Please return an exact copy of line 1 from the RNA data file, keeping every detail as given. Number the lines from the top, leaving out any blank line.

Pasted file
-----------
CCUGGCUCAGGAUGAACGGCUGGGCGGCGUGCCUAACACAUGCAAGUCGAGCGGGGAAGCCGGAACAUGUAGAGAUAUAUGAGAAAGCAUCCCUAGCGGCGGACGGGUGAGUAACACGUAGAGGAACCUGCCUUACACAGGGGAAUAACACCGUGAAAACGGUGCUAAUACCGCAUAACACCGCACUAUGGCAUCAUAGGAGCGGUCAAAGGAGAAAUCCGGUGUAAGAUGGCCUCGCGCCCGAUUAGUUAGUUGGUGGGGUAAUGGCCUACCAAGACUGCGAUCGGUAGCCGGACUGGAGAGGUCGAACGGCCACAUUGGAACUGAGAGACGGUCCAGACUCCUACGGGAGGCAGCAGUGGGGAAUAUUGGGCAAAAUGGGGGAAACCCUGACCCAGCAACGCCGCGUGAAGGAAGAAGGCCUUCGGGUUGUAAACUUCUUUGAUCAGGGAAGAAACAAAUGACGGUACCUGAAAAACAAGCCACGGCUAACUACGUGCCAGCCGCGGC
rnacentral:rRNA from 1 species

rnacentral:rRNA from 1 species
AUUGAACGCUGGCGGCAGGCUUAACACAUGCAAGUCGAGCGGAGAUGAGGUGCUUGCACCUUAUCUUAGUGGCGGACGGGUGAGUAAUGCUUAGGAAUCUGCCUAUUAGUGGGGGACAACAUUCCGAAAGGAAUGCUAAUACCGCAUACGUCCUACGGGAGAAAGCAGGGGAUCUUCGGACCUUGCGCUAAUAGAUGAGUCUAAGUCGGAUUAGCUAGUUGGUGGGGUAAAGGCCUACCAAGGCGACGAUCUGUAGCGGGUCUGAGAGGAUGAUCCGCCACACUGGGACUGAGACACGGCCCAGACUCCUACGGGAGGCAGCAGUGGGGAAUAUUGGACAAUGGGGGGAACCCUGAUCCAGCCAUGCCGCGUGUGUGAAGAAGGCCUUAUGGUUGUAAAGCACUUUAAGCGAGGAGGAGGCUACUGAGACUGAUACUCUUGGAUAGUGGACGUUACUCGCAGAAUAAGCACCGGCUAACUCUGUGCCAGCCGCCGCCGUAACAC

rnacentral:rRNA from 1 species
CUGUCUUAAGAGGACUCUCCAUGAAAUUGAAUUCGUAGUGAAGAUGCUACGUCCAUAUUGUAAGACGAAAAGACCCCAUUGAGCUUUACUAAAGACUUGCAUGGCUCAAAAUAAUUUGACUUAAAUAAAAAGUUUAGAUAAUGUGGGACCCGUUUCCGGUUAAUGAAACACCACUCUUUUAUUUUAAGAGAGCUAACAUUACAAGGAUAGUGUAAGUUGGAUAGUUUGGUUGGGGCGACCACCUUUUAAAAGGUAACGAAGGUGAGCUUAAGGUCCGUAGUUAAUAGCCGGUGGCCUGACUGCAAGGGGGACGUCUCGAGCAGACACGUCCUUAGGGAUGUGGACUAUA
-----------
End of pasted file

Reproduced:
CCUGGCUCAGGAUGAACGGCUGGGCGGCGUGCCUAACACAUGCAAGUCGAGCGGGGAAGCCGGAACAUGUAGAGAUAUAUGAGAAAGCAUCCCUAGCGGCGGACGGGUGAGUAACACGUAGAGGAACCUGCCUUACACAGGGGAAUAACACCGUGAAAACGGUGCUAAUACCGCAUAACACCGCACUAUGGCAUCAUAGGAGCGGUCAAAGGAGAAAUCCGGUGUAAGAUGGCCUCGCGCCCGAUUAGUUAGUUGGUGGGGUAAUGGCCUACCAAGACUGCGAUCGGUAGCCGGACUGGAGAGGUCGAACGGCCACAUUGGAACUGAGAGACGGUCCAGACUCCUACGGGAGGCAGCAGUGGGGAAUAUUGGGCAAAAUGGGGGAAACCCUGACCCAGCAACGCCGCGUGAAGGAAGAAGGCCUUCGGGUUGUAAACUUCUUUGAUCAGGGAAGAAACAAAUGACGGUACCUGAAAAACAAGCCACGGCUAACUACGUGCCAGCCGCGGC